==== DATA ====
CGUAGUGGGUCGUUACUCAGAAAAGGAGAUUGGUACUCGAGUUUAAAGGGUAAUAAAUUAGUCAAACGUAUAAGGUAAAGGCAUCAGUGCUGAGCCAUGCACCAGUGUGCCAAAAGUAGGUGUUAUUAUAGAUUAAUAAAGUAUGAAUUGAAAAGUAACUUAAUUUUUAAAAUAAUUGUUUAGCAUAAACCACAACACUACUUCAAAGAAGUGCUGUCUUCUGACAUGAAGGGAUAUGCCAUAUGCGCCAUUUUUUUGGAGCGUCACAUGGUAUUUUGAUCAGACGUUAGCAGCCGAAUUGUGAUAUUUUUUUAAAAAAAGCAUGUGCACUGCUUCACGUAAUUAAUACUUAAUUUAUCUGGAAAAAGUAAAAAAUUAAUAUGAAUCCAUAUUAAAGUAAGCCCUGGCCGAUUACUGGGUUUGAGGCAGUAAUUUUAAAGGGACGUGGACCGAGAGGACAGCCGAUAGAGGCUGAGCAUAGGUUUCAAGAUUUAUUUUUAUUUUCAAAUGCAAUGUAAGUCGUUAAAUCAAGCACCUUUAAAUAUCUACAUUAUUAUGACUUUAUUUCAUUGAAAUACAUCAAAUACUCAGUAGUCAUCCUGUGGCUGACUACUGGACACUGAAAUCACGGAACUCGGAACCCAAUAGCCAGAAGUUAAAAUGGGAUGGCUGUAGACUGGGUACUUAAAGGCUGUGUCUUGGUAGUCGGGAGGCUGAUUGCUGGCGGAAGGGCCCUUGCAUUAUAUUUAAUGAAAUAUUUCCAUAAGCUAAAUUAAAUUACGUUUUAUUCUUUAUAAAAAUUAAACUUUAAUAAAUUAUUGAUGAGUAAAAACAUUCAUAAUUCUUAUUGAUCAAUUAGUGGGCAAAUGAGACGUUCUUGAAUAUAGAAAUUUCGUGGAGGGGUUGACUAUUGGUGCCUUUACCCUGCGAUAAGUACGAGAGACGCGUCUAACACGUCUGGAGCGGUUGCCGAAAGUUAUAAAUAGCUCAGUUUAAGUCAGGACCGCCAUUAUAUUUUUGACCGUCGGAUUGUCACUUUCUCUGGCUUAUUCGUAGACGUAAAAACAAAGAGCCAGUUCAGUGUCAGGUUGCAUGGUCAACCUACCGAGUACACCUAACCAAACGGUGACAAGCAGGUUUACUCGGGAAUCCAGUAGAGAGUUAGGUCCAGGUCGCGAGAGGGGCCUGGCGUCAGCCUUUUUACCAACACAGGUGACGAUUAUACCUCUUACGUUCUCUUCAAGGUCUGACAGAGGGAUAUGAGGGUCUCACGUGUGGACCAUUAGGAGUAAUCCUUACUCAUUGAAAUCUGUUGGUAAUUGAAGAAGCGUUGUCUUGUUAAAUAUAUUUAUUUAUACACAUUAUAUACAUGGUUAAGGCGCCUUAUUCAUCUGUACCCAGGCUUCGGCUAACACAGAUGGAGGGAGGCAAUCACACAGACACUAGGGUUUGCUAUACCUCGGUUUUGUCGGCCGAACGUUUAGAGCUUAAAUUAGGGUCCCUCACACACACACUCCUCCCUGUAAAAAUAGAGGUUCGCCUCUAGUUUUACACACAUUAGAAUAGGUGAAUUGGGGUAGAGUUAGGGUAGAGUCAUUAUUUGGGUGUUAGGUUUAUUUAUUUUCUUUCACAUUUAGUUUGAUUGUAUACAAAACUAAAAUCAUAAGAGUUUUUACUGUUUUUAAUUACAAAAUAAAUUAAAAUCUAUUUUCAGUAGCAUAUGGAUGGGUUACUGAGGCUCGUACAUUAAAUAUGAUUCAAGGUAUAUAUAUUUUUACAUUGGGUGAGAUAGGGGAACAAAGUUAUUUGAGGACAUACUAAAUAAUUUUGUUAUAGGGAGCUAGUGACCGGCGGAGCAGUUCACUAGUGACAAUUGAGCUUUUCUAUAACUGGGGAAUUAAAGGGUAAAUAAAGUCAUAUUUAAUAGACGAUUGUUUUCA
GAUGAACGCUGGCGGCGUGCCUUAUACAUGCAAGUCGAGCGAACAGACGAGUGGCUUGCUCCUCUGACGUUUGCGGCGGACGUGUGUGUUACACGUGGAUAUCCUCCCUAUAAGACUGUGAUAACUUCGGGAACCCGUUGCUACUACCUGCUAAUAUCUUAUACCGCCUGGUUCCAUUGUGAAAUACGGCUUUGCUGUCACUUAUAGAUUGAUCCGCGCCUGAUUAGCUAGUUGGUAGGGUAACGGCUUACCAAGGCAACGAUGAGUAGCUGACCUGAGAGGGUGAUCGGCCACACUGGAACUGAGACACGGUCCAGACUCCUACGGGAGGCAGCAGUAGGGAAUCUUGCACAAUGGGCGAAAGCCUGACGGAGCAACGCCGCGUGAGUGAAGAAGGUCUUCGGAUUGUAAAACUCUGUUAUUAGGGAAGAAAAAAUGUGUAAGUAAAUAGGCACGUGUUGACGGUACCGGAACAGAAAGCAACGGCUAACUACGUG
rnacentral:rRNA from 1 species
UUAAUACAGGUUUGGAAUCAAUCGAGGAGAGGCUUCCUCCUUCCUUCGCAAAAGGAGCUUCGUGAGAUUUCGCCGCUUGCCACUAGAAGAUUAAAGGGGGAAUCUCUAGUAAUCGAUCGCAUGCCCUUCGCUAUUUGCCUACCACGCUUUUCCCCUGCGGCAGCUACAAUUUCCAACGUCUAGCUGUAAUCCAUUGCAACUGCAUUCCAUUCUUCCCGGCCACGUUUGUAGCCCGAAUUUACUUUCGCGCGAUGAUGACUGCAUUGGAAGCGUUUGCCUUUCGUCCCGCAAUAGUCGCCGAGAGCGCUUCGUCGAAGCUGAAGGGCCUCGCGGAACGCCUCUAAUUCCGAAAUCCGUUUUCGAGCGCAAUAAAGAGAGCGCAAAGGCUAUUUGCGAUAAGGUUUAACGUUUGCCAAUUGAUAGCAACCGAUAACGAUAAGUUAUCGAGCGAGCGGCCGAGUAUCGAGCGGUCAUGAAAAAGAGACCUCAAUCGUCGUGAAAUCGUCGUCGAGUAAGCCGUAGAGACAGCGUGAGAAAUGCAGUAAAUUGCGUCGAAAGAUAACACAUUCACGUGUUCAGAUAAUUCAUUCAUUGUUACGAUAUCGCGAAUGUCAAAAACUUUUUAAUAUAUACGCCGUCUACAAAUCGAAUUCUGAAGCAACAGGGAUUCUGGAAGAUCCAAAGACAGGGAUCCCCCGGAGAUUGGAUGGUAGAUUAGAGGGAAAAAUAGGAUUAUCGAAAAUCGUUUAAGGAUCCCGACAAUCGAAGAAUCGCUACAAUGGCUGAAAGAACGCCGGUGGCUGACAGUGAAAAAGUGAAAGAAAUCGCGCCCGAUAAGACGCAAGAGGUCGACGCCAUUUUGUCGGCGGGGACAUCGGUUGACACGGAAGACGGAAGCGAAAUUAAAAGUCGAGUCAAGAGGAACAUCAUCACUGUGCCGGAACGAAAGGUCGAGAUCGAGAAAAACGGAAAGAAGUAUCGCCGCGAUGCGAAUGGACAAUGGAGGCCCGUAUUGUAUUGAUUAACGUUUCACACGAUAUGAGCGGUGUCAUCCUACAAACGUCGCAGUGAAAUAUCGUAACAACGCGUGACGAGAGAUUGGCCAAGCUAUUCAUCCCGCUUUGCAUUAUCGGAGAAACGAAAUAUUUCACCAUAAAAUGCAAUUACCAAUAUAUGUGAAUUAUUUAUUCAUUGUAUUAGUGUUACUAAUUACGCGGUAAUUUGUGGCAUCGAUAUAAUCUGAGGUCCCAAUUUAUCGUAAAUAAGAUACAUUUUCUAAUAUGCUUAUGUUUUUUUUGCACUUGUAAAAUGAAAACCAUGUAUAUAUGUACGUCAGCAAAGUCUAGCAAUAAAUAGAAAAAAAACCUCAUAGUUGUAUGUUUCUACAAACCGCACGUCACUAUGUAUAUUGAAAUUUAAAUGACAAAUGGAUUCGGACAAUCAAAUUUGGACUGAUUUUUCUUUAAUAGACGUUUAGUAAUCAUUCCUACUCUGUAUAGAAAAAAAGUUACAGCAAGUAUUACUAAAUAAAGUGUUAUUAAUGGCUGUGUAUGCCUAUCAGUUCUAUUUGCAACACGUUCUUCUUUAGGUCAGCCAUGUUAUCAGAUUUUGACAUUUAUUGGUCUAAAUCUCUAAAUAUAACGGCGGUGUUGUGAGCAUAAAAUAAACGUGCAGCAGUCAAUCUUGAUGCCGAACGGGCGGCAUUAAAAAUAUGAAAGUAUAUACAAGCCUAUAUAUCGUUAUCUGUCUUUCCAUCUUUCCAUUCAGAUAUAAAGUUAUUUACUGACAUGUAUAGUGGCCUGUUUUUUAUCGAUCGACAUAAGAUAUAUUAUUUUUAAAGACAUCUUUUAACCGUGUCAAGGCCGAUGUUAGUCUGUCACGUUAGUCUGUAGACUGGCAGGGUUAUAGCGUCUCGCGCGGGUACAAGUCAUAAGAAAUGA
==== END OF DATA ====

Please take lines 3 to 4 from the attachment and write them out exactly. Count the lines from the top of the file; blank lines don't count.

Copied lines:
rnacentral:rRNA from 1 species
UUAAUACAGGUUUGGAAUCAAUCGAGGAGAGGCUUCCUCCUUCCUUCGCAAAAGGAGCUUCGUGAGAUUUCGCCGCUUGCCACUAGAAGAUUAAAGGGGGAAUCUCUAGUAAUCGAUCGCAUGCCCUUCGCUAUUUGCCUACCACGCUUUUCCCCUGCGGCAGCUACAAUUUCCAACGUCUAGCUGUAAUCCAUUGCAACUGCAUUCCAUUCUUCCCGGCCACGUUUGUAGCCCGAAUUUACUUUCGCGCGAUGAUGACUGCAUUGGAAGCGUUUGCCUUUCGUCCCGCAAUAGUCGCCGAGAGCGCUUCGUCGAAGCUGAAGGGCCUCGCGGAACGCCUCUAAUUCCGAAAUCCGUUUUCGAGCGCAAUAAAGAGAGCGCAAAGGCUAUUUGCGAUAAGGUUUAACGUUUGCCAAUUGAUAGCAACCGAUAACGAUAAGUUAUCGAGCGAGCGGCCGAGUAUCGAGCGGUCAUGAAAAAGAGACCUCAAUCGUCGUGAAAUCGUCGUCGAGUAAGCCGUAGAGACAGCGUGAGAAAUGCAGUAAAUUGCGUCGAAAGAUAACACAUUCACGUGUUCAGAUAAUUCAUUCAUUGUUACGAUAUCGCGAAUGUCAAAAACUUUUUAAUAUAUACGCCGUCUACAAAUCGAAUUCUGAAGCAACAGGGAUUCUGGAAGAUCCAAAGACAGGGAUCCCCCGGAGAUUGGAUGGUAGAUUAGAGGGAAAAAUAGGAUUAUCGAAAAUCGUUUAAGGAUCCCGACAAUCGAAGAAUCGCUACAAUGGCUGAAAGAACGCCGGUGGCUGACAGUGAAAAAGUGAAAGAAAUCGCGCCCGAUAAGACGCAAGAGGUCGACGCCAUUUUGUCGGCGGGGACAUCGGUUGACACGGAAGACGGAAGCGAAAUUAAAAGUCGAGUCAAGAGGAACAUCAUCACUGUGCCGGAACGAAAGGUCGAGAUCGAGAAAAACGGAAAGAAGUAUCGCCGCGAUGCGAAUGGACAAUGGAGGCCCGUAUUGUAUUGAUUAACGUUUCACACGAUAUGAGCGGUGUCAUCCUACAAACGUCGCAGUGAAAUAUCGUAACAACGCGUGACGAGAGAUUGGCCAAGCUAUUCAUCCCGCUUUGCAUUAUCGGAGAAACGAAAUAUUUCACCAUAAAAUGCAAUUACCAAUAUAUGUGAAUUAUUUAUUCAUUGUAUUAGUGUUACUAAUUACGCGGUAAUUUGUGGCAUCGAUAUAAUCUGAGGUCCCAAUUUAUCGUAAAUAAGAUACAUUUUCUAAUAUGCUUAUGUUUUUUUUGCACUUGUAAAAUGAAAACCAUGUAUAUAUGUACGUCAGCAAAGUCUAGCAAUAAAUAGAAAAAAAACCUCAUAGUUGUAUGUUUCUACAAACCGCACGUCACUAUGUAUAUUGAAAUUUAAAUGACAAAUGGAUUCGGACAAUCAAAUUUGGACUGAUUUUUCUUUAAUAGACGUUUAGUAAUCAUUCCUACUCUGUAUAGAAAAAAAGUUACAGCAAGUAUUACUAAAUAAAGUGUUAUUAAUGGCUGUGUAUGCCUAUCAGUUCUAUUUGCAACACGUUCUUCUUUAGGUCAGCCAUGUUAUCAGAUUUUGACAUUUAUUGGUCUAAAUCUCUAAAUAUAACGGCGGUGUUGUGAGCAUAAAAUAAACGUGCAGCAGUCAAUCUUGAUGCCGAACGGGCGGCAUUAAAAAUAUGAAAGUAUAUACAAGCCUAUAUAUCGUUAUCUGUCUUUCCAUCUUUCCAUUCAGAUAUAAAGUUAUUUACUGACAUGUAUAGUGGCCUGUUUUUUAUCGAUCGACAUAAGAUAUAUUAUUUUUAAAGACAUCUUUUAACCGUGUCAAGGCCGAUGUUAGUCUGUCACGUUAGUCUGUAGACUGGCAGGGUUAUAGCGUCUCGCGCGGGUACAAGUCAUAAGAAAUGA